Discussion / Application Questions (leave your answers below in the comments!)

  1. Rebekah shares that she felt abandoned by God in the midst of her traumatic loss and initial months of grieving. However, later on, she asked Him to reveal where He was in those tragic moments, and she began to feel His presence. In what moments do you need to ask God: "Where were You?" Spend some time writing about your hardest moments and seeking Him for answers.

  2. Losing a baby is a traumatic experience whether your story is similar to Rebekah's or not. It's common to experience PTSD symptoms after losing a baby. What symptoms have you endured and has anyone validated your grief and loss? Spend some time acknowledging your pain below.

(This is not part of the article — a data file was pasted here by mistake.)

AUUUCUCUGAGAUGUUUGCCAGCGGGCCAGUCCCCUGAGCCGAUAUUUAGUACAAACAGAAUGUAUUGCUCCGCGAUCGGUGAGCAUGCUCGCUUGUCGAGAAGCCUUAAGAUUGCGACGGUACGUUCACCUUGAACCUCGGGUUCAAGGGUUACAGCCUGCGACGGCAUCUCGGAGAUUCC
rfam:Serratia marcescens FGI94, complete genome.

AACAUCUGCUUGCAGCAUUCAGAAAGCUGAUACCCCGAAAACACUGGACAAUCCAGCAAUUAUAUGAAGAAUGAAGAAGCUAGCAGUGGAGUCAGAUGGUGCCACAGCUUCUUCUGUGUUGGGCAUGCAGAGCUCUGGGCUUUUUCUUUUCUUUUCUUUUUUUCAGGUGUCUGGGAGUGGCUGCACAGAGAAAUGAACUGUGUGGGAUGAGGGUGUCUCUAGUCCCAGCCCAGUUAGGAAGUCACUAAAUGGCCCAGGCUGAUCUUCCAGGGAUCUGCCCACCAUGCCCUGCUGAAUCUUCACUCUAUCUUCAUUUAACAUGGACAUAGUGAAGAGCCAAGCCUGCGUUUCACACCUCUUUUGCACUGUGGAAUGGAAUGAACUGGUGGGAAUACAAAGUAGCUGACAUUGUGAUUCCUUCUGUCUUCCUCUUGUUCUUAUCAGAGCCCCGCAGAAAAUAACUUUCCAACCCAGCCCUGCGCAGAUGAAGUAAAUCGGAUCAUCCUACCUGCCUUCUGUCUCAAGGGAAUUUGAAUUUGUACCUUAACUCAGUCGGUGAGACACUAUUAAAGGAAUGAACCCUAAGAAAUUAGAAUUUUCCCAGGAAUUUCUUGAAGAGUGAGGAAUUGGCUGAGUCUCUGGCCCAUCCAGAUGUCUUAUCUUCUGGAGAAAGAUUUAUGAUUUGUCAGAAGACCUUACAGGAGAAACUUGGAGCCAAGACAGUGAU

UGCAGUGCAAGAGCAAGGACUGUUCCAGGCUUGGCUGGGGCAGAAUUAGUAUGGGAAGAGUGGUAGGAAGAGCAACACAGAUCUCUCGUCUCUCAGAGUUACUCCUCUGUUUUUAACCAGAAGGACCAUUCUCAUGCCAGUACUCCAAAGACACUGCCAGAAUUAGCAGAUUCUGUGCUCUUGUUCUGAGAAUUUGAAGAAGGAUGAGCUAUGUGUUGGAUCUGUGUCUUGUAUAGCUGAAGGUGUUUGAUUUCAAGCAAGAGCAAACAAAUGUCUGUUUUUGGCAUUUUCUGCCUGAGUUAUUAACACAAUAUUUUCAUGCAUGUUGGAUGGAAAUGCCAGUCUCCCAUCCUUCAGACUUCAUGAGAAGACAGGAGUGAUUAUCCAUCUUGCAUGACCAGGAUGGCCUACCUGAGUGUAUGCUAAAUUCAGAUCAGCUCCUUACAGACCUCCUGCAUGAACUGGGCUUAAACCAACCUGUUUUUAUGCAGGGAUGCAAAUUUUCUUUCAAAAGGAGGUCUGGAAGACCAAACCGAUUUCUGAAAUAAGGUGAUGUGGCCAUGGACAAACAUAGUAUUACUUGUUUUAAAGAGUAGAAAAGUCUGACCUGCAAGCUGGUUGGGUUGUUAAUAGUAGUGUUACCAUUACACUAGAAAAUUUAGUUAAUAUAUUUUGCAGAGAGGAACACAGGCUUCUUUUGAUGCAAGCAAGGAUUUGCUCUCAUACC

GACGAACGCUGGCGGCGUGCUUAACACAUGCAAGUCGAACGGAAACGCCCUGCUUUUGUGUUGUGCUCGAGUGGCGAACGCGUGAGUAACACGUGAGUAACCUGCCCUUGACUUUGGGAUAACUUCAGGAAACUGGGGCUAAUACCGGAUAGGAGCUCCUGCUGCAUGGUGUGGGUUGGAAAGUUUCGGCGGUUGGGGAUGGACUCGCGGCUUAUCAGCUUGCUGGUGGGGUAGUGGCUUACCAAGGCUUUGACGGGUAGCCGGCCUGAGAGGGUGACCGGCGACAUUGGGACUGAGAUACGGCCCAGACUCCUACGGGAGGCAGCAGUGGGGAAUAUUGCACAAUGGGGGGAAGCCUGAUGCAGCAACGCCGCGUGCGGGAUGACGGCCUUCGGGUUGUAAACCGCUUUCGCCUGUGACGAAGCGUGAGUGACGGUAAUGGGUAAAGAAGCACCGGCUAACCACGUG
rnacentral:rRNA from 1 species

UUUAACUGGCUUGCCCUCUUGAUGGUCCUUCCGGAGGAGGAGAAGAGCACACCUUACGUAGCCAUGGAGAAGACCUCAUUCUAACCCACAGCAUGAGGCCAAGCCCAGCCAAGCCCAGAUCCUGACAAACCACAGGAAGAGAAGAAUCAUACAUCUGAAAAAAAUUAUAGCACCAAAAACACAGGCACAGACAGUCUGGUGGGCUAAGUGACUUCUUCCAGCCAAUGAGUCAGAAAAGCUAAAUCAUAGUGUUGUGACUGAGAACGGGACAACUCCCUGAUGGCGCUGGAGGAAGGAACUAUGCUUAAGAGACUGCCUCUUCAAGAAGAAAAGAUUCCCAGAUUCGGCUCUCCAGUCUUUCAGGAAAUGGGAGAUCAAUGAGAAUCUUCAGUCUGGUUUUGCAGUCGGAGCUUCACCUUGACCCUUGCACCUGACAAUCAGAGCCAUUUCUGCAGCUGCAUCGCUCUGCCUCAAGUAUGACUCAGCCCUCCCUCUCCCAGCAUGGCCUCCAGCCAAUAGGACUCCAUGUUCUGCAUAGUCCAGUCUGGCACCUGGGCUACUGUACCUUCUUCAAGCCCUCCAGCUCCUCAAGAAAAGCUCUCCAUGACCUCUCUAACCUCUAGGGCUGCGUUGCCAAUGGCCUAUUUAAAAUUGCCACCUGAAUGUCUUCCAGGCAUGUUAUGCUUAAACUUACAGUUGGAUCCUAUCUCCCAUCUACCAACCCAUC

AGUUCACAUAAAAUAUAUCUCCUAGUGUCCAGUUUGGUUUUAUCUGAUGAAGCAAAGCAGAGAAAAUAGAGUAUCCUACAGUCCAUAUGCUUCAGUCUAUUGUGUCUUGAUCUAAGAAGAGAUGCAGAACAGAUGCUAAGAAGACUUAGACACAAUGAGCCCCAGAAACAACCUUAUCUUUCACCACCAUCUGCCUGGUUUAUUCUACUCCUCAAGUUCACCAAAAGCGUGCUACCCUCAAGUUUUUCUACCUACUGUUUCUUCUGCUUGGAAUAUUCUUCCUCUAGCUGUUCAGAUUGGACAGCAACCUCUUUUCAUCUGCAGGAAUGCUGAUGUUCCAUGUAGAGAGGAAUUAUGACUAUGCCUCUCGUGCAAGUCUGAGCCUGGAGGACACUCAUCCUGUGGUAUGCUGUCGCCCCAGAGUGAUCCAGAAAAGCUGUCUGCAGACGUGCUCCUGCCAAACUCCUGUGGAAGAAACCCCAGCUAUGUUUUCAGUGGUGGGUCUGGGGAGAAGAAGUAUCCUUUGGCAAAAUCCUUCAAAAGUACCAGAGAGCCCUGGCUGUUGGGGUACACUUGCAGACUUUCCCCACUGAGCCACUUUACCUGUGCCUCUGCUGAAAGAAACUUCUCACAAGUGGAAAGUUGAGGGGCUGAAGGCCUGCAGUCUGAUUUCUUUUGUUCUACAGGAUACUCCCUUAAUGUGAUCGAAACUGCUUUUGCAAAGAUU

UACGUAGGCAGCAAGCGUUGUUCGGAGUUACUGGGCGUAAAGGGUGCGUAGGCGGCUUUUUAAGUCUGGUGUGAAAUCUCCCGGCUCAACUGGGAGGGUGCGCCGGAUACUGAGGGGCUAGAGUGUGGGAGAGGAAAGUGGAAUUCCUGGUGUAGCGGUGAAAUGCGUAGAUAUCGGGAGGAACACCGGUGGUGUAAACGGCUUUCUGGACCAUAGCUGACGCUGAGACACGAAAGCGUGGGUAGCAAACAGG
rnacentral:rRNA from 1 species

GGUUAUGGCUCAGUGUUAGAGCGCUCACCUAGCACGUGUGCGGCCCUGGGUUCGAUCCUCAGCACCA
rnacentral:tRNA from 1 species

3. Ashley shares that true justice will happen because God is just and Jesus is coming back. We will be with our babies for eternity. How does that hope comfort you now in the middle of your sorrow? Write out a prayer clinging to the hope that Jesus will one day wipe away your tears and resurrect your baby.

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Rebekah Beresford is married to Montana and is a mother to three children: two on earth and one in Heaven. Rebekah lives with her family in Kentucky.

Rebekah discovered Bridget’s Cradles in her search for bereavement resources after the loss of her daughter, Eliana Rose, in May of 2019. Rebekah has partnered with the organization, Rachel's Gift, to spread awareness about bereavement training and care.

Connect with Rachel's Gift:

Facebook: /rachelsgift06

Instagram: @rachels_gift



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Ashley Opliger is the Executive Director of Bridget's Cradles, a nonprofit organization based in Wichita, Kansas that donates cradles to over 1,250 hospitals in all 50 states and comforts over 26,000 bereaved families a year.